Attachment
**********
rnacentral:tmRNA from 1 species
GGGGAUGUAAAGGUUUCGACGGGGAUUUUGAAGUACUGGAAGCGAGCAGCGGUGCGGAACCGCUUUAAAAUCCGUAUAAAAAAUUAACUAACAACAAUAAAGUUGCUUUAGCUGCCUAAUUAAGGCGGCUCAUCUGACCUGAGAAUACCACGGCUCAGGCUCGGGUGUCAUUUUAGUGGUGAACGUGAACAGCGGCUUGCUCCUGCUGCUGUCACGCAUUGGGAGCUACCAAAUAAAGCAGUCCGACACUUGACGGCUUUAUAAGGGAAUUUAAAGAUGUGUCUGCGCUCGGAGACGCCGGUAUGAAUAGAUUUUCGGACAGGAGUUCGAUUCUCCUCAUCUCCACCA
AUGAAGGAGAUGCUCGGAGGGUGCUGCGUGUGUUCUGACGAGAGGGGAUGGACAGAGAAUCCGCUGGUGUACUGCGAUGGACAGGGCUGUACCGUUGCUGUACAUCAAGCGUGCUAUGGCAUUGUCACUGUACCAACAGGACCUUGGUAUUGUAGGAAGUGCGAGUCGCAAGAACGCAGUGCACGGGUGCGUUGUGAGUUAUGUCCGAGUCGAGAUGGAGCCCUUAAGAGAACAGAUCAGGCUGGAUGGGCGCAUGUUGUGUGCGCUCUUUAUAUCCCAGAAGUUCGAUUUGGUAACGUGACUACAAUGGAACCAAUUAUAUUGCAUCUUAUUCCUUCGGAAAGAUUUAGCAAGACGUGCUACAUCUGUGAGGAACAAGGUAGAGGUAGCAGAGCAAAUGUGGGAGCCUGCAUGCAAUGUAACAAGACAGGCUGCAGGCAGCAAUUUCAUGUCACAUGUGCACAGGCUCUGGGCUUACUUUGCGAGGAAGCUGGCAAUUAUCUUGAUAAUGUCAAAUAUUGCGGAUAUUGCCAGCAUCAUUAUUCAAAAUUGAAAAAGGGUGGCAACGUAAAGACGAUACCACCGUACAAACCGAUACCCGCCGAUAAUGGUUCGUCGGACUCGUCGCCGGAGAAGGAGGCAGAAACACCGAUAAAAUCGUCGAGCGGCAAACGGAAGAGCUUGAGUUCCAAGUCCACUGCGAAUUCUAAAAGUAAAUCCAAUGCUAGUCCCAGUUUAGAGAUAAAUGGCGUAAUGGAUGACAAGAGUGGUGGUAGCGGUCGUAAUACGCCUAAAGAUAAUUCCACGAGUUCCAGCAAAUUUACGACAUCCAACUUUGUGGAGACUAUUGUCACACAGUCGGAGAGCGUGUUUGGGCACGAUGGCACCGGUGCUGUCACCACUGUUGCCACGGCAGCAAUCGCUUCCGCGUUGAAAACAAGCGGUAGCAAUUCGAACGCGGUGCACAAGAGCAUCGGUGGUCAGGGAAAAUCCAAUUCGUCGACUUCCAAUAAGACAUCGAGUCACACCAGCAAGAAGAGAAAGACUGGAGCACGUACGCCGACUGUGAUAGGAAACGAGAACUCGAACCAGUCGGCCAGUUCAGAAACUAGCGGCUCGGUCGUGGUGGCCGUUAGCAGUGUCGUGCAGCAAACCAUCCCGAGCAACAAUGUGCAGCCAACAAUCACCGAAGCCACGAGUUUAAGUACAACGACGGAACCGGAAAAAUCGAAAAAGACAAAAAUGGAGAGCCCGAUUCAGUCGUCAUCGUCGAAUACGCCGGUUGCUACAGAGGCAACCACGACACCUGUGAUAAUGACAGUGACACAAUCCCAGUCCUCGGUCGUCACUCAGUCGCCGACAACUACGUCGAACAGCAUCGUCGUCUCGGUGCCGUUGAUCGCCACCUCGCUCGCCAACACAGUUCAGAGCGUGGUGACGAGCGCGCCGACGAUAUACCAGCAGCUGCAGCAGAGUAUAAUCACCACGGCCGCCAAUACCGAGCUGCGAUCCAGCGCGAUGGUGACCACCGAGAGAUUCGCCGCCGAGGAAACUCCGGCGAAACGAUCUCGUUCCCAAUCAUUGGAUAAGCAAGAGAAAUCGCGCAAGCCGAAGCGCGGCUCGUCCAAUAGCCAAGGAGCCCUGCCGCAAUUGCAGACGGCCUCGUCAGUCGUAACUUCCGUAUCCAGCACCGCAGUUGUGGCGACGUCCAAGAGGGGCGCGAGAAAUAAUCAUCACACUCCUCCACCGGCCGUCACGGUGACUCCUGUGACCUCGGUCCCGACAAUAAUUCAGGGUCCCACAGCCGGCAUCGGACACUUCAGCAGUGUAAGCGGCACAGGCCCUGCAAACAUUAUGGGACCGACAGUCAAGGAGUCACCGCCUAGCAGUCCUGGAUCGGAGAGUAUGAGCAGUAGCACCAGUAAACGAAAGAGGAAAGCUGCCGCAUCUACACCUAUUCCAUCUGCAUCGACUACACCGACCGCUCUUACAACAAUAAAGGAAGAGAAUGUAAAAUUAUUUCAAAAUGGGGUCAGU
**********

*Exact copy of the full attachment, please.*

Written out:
rnacentral:tmRNA from 1 species
GGGGAUGUAAAGGUUUCGACGGGGAUUUUGAAGUACUGGAAGCGAGCAGCGGUGCGGAACCGCUUUAAAAUCCGUAUAAAAAAUUAACUAACAACAAUAAAGUUGCUUUAGCUGCCUAAUUAAGGCGGCUCAUCUGACCUGAGAAUACCACGGCUCAGGCUCGGGUGUCAUUUUAGUGGUGAACGUGAACAGCGGCUUGCUCCUGCUGCUGUCACGCAUUGGGAGCUACCAAAUAAAGCAGUCCGACACUUGACGGCUUUAUAAGGGAAUUUAAAGAUGUGUCUGCGCUCGGAGACGCCGGUAUGAAUAGAUUUUCGGACAGGAGUUCGAUUCUCCUCAUCUCCACCA
AUGAAGGAGAUGCUCGGAGGGUGCUGCGUGUGUUCUGACGAGAGGGGAUGGACAGAGAAUCCGCUGGUGUACUGCGAUGGACAGGGCUGUACCGUUGCUGUACAUCAAGCGUGCUAUGGCAUUGUCACUGUACCAACAGGACCUUGGUAUUGUAGGAAGUGCGAGUCGCAAGAACGCAGUGCACGGGUGCGUUGUGAGUUAUGUCCGAGUCGAGAUGGAGCCCUUAAGAGAACAGAUCAGGCUGGAUGGGCGCAUGUUGUGUGCGCUCUUUAUAUCCCAGAAGUUCGAUUUGGUAACGUGACUACAAUGGAACCAAUUAUAUUGCAUCUUAUUCCUUCGGAAAGAUUUAGCAAGACGUGCUACAUCUGUGAGGAACAAGGUAGAGGUAGCAGAGCAAAUGUGGGAGCCUGCAUGCAAUGUAACAAGACAGGCUGCAGGCAGCAAUUUCAUGUCACAUGUGCACAGGCUCUGGGCUUACUUUGCGAGGAAGCUGGCAAUUAUCUUGAUAAUGUCAAAUAUUGCGGAUAUUGCCAGCAUCAUUAUUCAAAAUUGAAAAAGGGUGGCAACGUAAAGACGAUACCACCGUACAAACCGAUACCCGCCGAUAAUGGUUCGUCGGACUCGUCGCCGGAGAAGGAGGCAGAAACACCGAUAAAAUCGUCGAGCGGCAAACGGAAGAGCUUGAGUUCCAAGUCCACUGCGAAUUCUAAAAGUAAAUCCAAUGCUAGUCCCAGUUUAGAGAUAAAUGGCGUAAUGGAUGACAAGAGUGGUGGUAGCGGUCGUAAUACGCCUAAAGAUAAUUCCACGAGUUCCAGCAAAUUUACGACAUCCAACUUUGUGGAGACUAUUGUCACACAGUCGGAGAGCGUGUUUGGGCACGAUGGCACCGGUGCUGUCACCACUGUUGCCACGGCAGCAAUCGCUUCCGCGUUGAAAACAAGCGGUAGCAAUUCGAACGCGGUGCACAAGAGCAUCGGUGGUCAGGGAAAAUCCAAUUCGUCGACUUCCAAUAAGACAUCGAGUCACACCAGCAAGAAGAGAAAGACUGGAGCACGUACGCCGACUGUGAUAGGAAACGAGAACUCGAACCAGUCGGCCAGUUCAGAAACUAGCGGCUCGGUCGUGGUGGCCGUUAGCAGUGUCGUGCAGCAAACCAUCCCGAGCAACAAUGUGCAGCCAACAAUCACCGAAGCCACGAGUUUAAGUACAACGACGGAACCGGAAAAAUCGAAAAAGACAAAAAUGGAGAGCCCGAUUCAGUCGUCAUCGUCGAAUACGCCGGUUGCUACAGAGGCAACCACGACACCUGUGAUAAUGACAGUGACACAAUCCCAGUCCUCGGUCGUCACUCAGUCGCCGACAACUACGUCGAACAGCAUCGUCGUCUCGGUGCCGUUGAUCGCCACCUCGCUCGCCAACACAGUUCAGAGCGUGGUGACGAGCGCGCCGACGAUAUACCAGCAGCUGCAGCAGAGUAUAAUCACCACGGCCGCCAAUACCGAGCUGCGAUCCAGCGCGAUGGUGACCACCGAGAGAUUCGCCGCCGAGGAAACUCCGGCGAAACGAUCUCGUUCCCAAUCAUUGGAUAAGCAAGAGAAAUCGCGCAAGCCGAAGCGCGGCUCGUCCAAUAGCCAAGGAGCCCUGCCGCAAUUGCAGACGGCCUCGUCAGUCGUAACUUCCGUAUCCAGCACCGCAGUUGUGGCGACGUCCAAGAGGGGCGCGAGAAAUAAUCAUCACACUCCUCCACCGGCCGUCACGGUGACUCCUGUGACCUCGGUCCCGACAAUAAUUCAGGGUCCCACAGCCGGCAUCGGACACUUCAGCAGUGUAAGCGGCACAGGCCCUGCAAACAUUAUGGGACCGACAGUCAAGGAGUCACCGCCUAGCAGUCCUGGAUCGGAGAGUAUGAGCAGUAGCACCAGUAAACGAAAGAGGAAAGCUGCCGCAUCUACACCUAUUCCAUCUGCAUCGACUACACCGACCGCUCUUACAACAAUAAAGGAAGAGAAUGUAAAAUUAUUUCAAAAUGGGGUCAGU